Agave 'Blue Flame' and dasylirion

These six late-summer care essentials for succulents come from my own experience with growing hundreds of varieties over decades. In my inland Southern CA garden, late summer heat can do as much damage as midwinter frosts. Below is what I do routinely every year. Modify my suggestions according to your own climate and region.

1. Shade any smooth-leaved succulents that are not from the desert Southwest

Unless you live in a mild, maritime location, those that I call "the pretty little ones" need protection from scorching summer sun. Ideally they'll get several hours of early morning or late afternoon sun, and bright or dappled shade the rest of the day. (See how I define Types of Shade.) If need be, throw a sheet or shade cloth over exposed aeoniums, aloes, echeverias, kalanchoes, and the like.

2. Protect young desert plants

When established, most cacti, yuccas, agaves and other succulents native to Mexico and the Southwest sail through summer. However even in their native habitats, young cacti grow beneath "nurse plants" that shelter them from harsh conditions.

Desert thunderhead

Above: View from my deck during a mid-August heat wave that sent temps into the triple digits. I'm located midway between ocean and desert. When temps rise into the 90s in late summer, thunderheads appear in the eastern sky. Occasionally the storms drift this way and we see flashes of lightning and may even get rain.

3. Give cold-climate succulents preferential treatment

Rock-garden plants such as sempervivums (hens-and-chicks) and sedums (stonecrops) thrive in the northern and eastern US and in Europe. Farther south, these can go downhill when temperatures rise above 80 degrees F. Keep them shaded and cool. Exceptions are sedums (and Sedum crosses such as graptosedums) that have fat, thumb-sized leaves and that turn vivid shades of red and orange.

4. Monitor soil moisture

Soil that goes bone dry may not kill thick-leaved and -trunked succulents, but if fine root filaments desiccate, growth will slow or cease. In pots you can test soil moisture by inserting a chopstick; if soil clings, it's moist.

5. Soak plants before leaving town

Generally if other conditions are met, succulents won't miss you if you water them well before you leave, then again when you return. As an extra precaution in case temperatures rise significantly while you're gone, move potted succulents into shade.

6. Don't stress over your succulents

Gardening is a process, and sometimes the only way to know what will do well is to lose a few plants. Weather extremes lead to valuable lessons. Consider any casualties as annuals, and fill gaps when weather cools.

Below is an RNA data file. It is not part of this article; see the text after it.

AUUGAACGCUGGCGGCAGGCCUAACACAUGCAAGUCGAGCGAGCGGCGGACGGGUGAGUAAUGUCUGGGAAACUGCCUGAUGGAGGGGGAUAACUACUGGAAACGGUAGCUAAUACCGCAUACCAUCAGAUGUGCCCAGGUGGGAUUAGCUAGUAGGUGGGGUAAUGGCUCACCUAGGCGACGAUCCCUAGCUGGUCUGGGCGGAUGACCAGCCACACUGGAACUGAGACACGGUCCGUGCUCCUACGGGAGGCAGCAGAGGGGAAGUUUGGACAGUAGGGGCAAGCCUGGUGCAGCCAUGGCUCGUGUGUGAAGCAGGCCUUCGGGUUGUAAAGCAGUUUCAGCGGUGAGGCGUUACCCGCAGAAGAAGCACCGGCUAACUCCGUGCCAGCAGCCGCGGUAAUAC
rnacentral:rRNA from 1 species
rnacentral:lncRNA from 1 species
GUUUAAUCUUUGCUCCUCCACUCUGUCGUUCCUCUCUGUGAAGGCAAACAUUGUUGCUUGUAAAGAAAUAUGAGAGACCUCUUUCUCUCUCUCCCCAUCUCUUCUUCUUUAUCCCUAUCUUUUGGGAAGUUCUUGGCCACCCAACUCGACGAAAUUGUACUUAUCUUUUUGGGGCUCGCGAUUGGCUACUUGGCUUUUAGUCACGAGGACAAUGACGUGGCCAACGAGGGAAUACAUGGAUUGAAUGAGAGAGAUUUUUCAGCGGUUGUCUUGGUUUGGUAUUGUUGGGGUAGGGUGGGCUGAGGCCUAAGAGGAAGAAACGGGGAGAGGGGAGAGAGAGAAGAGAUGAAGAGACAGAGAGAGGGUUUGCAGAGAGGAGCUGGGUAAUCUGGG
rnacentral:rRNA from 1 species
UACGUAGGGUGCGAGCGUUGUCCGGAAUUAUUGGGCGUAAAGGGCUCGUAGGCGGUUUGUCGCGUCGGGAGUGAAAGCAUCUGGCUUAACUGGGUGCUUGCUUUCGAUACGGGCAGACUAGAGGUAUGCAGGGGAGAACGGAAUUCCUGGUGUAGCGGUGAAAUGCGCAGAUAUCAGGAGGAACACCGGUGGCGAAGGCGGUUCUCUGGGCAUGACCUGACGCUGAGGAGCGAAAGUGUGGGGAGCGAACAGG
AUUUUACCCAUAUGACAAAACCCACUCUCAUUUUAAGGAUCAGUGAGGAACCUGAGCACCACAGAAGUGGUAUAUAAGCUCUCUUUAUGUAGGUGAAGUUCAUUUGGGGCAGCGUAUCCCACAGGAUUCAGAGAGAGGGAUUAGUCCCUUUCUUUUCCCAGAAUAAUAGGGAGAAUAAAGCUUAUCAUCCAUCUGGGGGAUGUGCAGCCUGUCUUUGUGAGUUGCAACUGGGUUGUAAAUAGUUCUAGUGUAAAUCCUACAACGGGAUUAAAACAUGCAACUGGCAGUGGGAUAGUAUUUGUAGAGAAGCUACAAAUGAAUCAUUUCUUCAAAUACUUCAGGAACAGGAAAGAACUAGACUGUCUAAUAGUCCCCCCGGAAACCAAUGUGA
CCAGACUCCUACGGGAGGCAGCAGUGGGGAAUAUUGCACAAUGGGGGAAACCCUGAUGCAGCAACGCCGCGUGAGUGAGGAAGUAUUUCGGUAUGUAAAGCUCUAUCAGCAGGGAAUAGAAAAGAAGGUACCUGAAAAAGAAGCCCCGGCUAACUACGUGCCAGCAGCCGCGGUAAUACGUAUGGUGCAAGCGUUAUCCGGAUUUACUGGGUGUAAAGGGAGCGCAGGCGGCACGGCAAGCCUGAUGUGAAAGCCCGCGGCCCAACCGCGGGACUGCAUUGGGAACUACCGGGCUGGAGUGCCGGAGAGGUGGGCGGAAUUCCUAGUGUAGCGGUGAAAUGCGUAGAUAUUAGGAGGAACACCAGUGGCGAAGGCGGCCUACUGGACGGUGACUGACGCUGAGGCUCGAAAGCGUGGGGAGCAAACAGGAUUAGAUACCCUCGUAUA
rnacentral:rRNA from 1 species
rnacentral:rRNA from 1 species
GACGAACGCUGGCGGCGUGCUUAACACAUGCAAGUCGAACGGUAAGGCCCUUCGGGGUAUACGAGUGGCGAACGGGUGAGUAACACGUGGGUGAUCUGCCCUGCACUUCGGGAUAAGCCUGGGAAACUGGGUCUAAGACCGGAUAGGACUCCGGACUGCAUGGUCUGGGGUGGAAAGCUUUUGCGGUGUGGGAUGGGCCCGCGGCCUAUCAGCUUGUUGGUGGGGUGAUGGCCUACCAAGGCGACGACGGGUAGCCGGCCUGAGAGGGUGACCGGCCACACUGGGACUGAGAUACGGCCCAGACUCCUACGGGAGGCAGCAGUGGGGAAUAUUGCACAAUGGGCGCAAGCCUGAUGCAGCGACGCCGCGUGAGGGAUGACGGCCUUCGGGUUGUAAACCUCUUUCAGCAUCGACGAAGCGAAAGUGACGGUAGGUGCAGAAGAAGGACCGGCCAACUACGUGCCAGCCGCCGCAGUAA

See the video

Debra's Summer Garden video See my video on protecting succulents from summer heat and sun

Related info on this site

Summer Care for Succulents: Heat and Sun Concerns

Don’t let summer sun and heat harm your succulents! Heat generally isn’t a concern. Although some succulents (like sempervivums) tend not to thrive in temps above 80 or 90 degrees F, the majority are fine. It’s heat plus sun that’s the concern.

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Sun and aloes

Don’t Let a Heat Wave Ruin Your Succulents

You have two options for protecting your succulents from heat waves that follow cool weather:
1. Move them. Of course this is only possible if they’re in pots. But don’t forget to do it! When sudden heat and sun hit, succulents that haven’t had time to acclimate may sunburn. There’s no reversing the resulting brown or beige patches. 

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Agaves Handle Summer Heat

Late summer is when tough succulents really shine. Large agaves handle summer heat, and are unfazed by harsh sun, high temps and lack of rain. Their statuesque, fountainlike forms lend a sculptural element to any landscape, and contrast beautifully with fine-textured ornamentals. They also make good firebreak plants and security fences. With the exception of a few…

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Cactus backlit

A Dozen Reasons I Love Cacti

Why do I love cacti? It’s a natural progression: As we gain appreciation for the lines, textures and shapes of succulents, we arrive at those that exhibit elegant simplicity—never mind that they have spines (in fact, sometimes because they do). Here are a dozen reasons.

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5 Comments

  1. Cindy Hewatt on August 18, 2020 at 11:05 am

    It’s been so hot where I live, this definitely helps, thank you for sharing, Debra!

  2. Shirley Van De Mark on August 18, 2020 at 1:55 pm

    I live in Manta, Ecuador, which is on the Pacific coast. This area is considered arid and under normal circumstances, we get very little rain all year. Although we are usually in the 80’s when the sun is out, it feels hotter here because we have more direct UV rays because we are almost on the equator. I have a hard time protecting plants from the sun and have just gotten a 50% shade cloth through Amazon. Now, I’m not sure that it is enough blockage; I’ll have to wait and see if leaves turn yellow again. I just moved my agaves and my ponytail beaucaria(?) under it. Some of my other succulents are getting sun part of the day and my portulacaria verde, is in blasting sun most of the day. The cactus are also in sun most of the day. When the sun moves, then the plants have to move too. We do what we have to for our plants.

    • Debra Lee Baldwin on August 18, 2020 at 2:16 pm

      Thanks for the insight into your location and climate, Shirley. Wow, almost at the equator!

  3. Mary Jane Olenski on August 24, 2020 at 10:02 am

    Something is chewing the leaves of my succulents in pots, every night, leaves chewed on the patio.
    Sluggo and enviropel on board. Chula vista , sun part shade.

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